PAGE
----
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Quiz: Test Your Knowledge of Pasta Shapes

By: Mike Kiely BA (hons) - Updated: 21 Oct 2012 | comments*Discuss
Pasta Shapes Sauces Recipes Quiz Parcel

The media may salivate over the art form that fine dining has become, but no single cupboard staple symbolises popular food culture and the ability of food to seduce the eye more than pasta. It embodies Italian ingenuity and the nation’s deep love of food, a love so profound that so much time and energy would be taken on turning egg or water combined with flour into a myriad of shapes, as well as different colours, that provide a dramatic backdrop on the plate. Certain pasta shapes are synonymous with the sauces with which they share a billing, others offer versatility across a range of recipes. Together they make a family that is a food phenomenon. See how your knowledge of the subject shapes up in this simple quiz.

Do you know your pasta?

1. This fresh pasta parcel, which can contain fillings such as meat ragù or spinach and ricotta, is square in shape and inseparable from the region from where it originates, Emilia Romagna.

2. With each end cut on the diagonal, this short tubular variety is available in a range of widths and sizes, rigate being the largest and most commonly available form. It is suitable for al forno baked recipes but is equally happy coated in a tomato-based sauce.

3. Long, thin and round, this pasta shape has long enjoyed being bathed in a mixture of egg, parmesan and guanciale, or pig’s cheek - a recipe that the region of Lazio claims as one of its own.

4. Campania is the birthplace of this long, thin pasta that is hollow in order to absorb even more of the sauce that it is served with. Given its southern origins, the accompanying sauce is quite likely to pack a punch of Vesuvian proportions.

5. This flat, ribbon pasta is a native of Liguria so is well used to sharing star billing with pesto. Can be sourced with either uniform or crimped edges.

6. ‘Little ears’ is how the name of these small but not so perfectly formed pasta shapes translates. They are synonymous with a rustic blend of cheese, chilli, anchovies and broccoli.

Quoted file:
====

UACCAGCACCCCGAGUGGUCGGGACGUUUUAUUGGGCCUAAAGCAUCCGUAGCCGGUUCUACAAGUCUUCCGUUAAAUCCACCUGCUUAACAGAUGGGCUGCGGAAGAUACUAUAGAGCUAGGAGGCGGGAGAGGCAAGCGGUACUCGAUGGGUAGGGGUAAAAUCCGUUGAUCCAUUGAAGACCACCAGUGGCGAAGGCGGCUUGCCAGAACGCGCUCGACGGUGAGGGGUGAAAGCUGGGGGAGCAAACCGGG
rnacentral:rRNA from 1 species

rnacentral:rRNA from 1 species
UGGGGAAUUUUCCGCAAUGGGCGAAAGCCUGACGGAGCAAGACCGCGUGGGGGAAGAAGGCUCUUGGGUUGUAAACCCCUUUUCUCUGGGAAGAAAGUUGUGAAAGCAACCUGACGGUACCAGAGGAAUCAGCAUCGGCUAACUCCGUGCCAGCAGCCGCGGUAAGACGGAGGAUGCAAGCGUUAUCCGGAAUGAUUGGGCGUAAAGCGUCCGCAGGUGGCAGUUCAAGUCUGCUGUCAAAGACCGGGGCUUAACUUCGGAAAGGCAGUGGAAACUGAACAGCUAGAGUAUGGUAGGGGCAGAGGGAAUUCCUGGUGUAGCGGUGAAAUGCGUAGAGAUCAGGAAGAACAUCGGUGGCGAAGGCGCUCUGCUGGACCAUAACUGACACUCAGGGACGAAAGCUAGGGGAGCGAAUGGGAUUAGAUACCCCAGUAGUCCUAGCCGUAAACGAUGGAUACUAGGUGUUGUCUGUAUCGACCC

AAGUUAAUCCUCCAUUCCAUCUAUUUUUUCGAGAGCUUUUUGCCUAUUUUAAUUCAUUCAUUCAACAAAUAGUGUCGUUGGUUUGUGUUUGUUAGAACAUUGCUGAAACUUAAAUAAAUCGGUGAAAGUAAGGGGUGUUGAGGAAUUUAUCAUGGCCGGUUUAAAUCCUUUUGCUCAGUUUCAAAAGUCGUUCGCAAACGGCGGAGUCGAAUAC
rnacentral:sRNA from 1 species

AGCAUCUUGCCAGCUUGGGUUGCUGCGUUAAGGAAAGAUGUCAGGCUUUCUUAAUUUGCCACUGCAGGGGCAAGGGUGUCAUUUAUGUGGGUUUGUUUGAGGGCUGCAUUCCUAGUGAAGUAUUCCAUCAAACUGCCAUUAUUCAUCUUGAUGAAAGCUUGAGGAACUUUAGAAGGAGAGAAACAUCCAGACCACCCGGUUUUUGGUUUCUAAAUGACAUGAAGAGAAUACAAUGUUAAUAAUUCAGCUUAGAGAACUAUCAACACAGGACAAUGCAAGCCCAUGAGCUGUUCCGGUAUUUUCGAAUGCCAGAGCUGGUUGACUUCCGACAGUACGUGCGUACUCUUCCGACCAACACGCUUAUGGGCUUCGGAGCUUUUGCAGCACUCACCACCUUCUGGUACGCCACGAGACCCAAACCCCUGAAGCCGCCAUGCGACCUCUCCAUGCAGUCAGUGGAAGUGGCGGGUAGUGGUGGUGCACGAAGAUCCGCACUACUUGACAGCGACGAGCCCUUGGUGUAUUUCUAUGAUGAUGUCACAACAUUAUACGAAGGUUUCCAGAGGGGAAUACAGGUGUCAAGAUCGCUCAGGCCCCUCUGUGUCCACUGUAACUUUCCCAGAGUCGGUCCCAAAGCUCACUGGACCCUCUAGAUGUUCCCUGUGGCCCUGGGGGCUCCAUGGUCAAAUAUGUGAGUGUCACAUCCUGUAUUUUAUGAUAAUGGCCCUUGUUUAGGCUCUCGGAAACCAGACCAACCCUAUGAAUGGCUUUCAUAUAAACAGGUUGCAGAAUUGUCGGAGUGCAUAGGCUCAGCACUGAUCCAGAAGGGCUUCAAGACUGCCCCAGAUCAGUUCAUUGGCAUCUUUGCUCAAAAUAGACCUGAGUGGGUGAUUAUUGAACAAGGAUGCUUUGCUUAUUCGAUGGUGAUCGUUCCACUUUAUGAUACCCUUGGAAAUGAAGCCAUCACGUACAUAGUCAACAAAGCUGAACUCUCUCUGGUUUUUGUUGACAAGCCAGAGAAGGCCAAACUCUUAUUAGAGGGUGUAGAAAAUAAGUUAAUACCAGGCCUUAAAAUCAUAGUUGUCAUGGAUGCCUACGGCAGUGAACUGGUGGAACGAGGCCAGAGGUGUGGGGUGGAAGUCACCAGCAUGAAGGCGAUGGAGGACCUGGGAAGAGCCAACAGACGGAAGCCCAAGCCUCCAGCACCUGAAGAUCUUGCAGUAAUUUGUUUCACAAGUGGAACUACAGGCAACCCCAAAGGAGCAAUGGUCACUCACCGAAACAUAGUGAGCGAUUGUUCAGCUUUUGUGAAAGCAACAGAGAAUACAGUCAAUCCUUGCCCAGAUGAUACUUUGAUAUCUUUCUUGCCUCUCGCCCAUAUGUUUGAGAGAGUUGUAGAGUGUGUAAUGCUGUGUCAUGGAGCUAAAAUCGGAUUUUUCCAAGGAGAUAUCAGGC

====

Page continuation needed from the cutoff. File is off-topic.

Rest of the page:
7. Looking to put a twist on the traditional primo of a bowl of pasta? These little beauties from the Campania region are among the most versatile performers. Their unusual shape is reputed to originate from the tradition of using a knitting needle around which the dough was wrapped.

8. Short and sweet and a little groovy, too, these shapes can transform a warming soup from a starter to something more hearty on a winter’s night.

9. There’s only one type of pasta that should be served with the meat ragù that takes its name from the most famous city in Emilia Romagna. Just in case it’s spaghetti that springs to mind, be warned that such an answer would make a citizen of Bologna’s blood boil.

10. Liguria is home to this long, thin variety that is unusual by virtue of its flat shape. You are unlikely to find it paired with pesto, though. A more likely companion is one of the great sauces that are the result of the region’s famed relationship with the sea.

11. This concave, grooved shape is reminiscent of the many shells to be found along any stretch of Italian coastline – hence its name in Italian.

12. ‘Little worms’ is the literal translation, but don’t let that put you off these long thin shapes that are happy wriggling about in a wide variety of sauces, from tomato-based to those that highlight shellfish.

13. The popping of corks is a welcome introduction to any meal, and what could be more apt than serving a type of pasta whose name translates as corkscrews – a rather large clue as to their shape, too.

14. This shape in its fresh form is a combination of flour and potatoes, or occasionally ricotta, flour and spinach, and is generous enough to indicate when it is ready to be served by rising to the top of the cooking liquor.

15. Immortalised in an episode of I’m Alan Partridge when the eponymous anti-hero likened them to an ‘Action Man bow-tie’. The Italians, slightly more romantically, had a butterfly in mind.

Answers 1 Tortelloni; 2 Penne; 3 Spaghetti ; 4 Bucatini; 5 Lasagnette; 6 Orecchiette; 7 Fusilli; 8 Ditali; 9 Tagliatelle; 10 Linguine; 11 Conchiglie; 12 Vermicelli; 13 Cavatappi; 14 Gnocchi; 15 Farfalle.

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